In the Russian-controlled Donetsk region of eastern Ukraine, a court charged five foreign nationals as “mercenaries” — with three now facing the death penalty.
The five — Swede Mathias Gustafsson, Croatian Vjekoslav Prebeg and Brits John Harding, Dylan Healy and Andrew Hill — pleaded not guilty to the mercenary charges. The court is not internationally recognized.
Gustafsson, Prebeg and Harding were all captured in the port city of Mariupol and face a potential death sentence under the laws of the self-proclaimed Donetsk People’s Republic. According to local reports they are accused of “participating in military activities as a mercenary” and attempting to “violently seize power.”
“The court must clarify that the charge against Gustafsson, Prebeg and Harding provides for capital punishment,” the judge said during the hearing, according to Russian media outlet TASS.
Healy and Hill were also charged but do not face execution. The trial will resume in early October.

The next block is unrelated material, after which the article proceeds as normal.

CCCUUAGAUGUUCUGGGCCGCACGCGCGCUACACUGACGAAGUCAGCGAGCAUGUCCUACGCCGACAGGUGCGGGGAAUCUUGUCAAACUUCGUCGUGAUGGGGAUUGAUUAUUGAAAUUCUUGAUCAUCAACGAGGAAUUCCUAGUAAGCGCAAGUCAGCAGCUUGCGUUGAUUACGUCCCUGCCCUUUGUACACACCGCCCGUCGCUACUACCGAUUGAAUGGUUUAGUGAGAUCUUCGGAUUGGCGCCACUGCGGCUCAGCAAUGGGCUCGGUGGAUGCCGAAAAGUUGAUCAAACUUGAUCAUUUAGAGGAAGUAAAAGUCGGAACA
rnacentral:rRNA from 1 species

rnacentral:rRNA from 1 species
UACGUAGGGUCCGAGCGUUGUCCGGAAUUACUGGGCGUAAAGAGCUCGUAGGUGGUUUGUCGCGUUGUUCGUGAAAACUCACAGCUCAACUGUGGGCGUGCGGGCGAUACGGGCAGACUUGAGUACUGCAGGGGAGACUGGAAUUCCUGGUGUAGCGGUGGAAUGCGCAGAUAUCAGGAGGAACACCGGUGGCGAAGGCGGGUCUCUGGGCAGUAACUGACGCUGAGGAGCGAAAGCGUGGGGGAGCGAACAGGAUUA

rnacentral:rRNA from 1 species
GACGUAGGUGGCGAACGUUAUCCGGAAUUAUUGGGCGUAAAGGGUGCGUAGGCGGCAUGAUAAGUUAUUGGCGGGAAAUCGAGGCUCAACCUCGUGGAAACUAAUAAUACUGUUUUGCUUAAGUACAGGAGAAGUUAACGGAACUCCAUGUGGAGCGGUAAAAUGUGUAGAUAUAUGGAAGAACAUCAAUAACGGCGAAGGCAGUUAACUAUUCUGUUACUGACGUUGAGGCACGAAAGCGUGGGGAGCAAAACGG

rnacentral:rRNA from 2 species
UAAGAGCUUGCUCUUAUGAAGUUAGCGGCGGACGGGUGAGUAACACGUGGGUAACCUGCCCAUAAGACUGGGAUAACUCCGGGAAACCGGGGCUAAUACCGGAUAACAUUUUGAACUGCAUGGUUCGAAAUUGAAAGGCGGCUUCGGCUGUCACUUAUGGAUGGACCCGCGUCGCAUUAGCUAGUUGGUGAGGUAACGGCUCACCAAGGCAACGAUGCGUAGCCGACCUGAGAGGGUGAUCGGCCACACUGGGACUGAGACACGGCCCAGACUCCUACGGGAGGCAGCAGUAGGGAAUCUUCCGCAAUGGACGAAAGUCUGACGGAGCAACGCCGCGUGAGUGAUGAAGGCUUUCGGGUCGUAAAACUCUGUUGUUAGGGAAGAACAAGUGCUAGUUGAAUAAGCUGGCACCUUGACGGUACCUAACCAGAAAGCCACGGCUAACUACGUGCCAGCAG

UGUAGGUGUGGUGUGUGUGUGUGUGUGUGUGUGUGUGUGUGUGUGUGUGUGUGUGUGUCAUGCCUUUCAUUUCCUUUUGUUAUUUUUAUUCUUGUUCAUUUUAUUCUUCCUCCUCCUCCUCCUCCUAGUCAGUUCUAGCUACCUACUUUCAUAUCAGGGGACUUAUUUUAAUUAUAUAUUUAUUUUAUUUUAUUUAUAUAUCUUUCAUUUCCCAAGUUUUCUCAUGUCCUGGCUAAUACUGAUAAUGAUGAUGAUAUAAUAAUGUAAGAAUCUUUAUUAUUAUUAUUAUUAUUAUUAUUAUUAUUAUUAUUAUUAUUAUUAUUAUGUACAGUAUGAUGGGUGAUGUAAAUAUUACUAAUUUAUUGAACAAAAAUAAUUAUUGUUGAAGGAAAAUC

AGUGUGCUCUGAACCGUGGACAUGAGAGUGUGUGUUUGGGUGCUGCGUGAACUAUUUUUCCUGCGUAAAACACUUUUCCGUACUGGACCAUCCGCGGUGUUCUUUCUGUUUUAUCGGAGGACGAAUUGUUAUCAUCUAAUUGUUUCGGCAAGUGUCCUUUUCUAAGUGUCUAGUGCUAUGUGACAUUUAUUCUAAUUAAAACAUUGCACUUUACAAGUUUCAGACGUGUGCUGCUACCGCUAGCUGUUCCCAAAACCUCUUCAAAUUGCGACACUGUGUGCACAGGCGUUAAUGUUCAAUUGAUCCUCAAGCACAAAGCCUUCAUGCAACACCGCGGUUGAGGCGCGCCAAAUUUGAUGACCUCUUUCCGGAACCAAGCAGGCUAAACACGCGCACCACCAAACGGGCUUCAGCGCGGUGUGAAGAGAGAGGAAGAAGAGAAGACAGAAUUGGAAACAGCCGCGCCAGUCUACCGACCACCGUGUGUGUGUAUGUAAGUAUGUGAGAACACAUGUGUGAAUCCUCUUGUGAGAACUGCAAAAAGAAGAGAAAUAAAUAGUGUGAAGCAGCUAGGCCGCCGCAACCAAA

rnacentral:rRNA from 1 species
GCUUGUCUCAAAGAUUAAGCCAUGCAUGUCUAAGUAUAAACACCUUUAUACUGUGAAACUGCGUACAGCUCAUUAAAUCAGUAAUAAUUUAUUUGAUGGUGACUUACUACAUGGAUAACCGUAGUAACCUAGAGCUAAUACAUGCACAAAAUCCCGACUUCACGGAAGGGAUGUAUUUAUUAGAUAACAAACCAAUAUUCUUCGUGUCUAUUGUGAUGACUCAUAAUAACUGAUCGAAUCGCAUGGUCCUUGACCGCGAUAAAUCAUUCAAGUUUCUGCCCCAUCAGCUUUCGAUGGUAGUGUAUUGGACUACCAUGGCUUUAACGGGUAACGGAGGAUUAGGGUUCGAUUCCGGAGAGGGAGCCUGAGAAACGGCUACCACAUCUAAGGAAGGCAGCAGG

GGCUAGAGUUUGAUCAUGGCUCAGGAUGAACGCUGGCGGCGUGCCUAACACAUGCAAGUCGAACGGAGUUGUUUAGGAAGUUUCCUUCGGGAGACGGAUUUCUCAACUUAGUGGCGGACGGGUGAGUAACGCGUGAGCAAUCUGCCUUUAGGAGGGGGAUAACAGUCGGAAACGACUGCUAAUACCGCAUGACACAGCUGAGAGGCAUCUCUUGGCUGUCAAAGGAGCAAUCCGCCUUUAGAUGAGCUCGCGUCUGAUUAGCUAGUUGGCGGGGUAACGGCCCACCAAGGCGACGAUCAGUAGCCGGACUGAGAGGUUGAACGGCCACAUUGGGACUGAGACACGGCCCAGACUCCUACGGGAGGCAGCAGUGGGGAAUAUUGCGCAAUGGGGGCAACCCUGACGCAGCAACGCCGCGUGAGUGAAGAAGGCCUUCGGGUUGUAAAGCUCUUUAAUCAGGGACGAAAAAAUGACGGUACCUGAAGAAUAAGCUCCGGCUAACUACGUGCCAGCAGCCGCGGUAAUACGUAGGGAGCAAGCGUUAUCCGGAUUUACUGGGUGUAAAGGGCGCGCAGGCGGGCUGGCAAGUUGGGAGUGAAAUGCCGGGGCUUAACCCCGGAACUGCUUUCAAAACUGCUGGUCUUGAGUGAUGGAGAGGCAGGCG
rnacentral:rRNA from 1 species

A spokesperson for the British Foreign Office said: “We condemn the exploitation of prisoners of war and civilian detainees for political purposes and have raised this with Russia. We are in constant contact with the Government of Ukraine on their cases and are fully supportive of Ukraine in its efforts to get them released.”
In June, two British citizens and a Moroccan national were sentenced to death in a Donetsk court after being convicted of being foreign mercenaries and taking part in “terrorist” activities when captured by Russian forces. Their executions have not yet been carried out and all have appealed against their sentences.
The Swedish and Croatian foreign ministries were not immediately available for comment.
This story has been updated.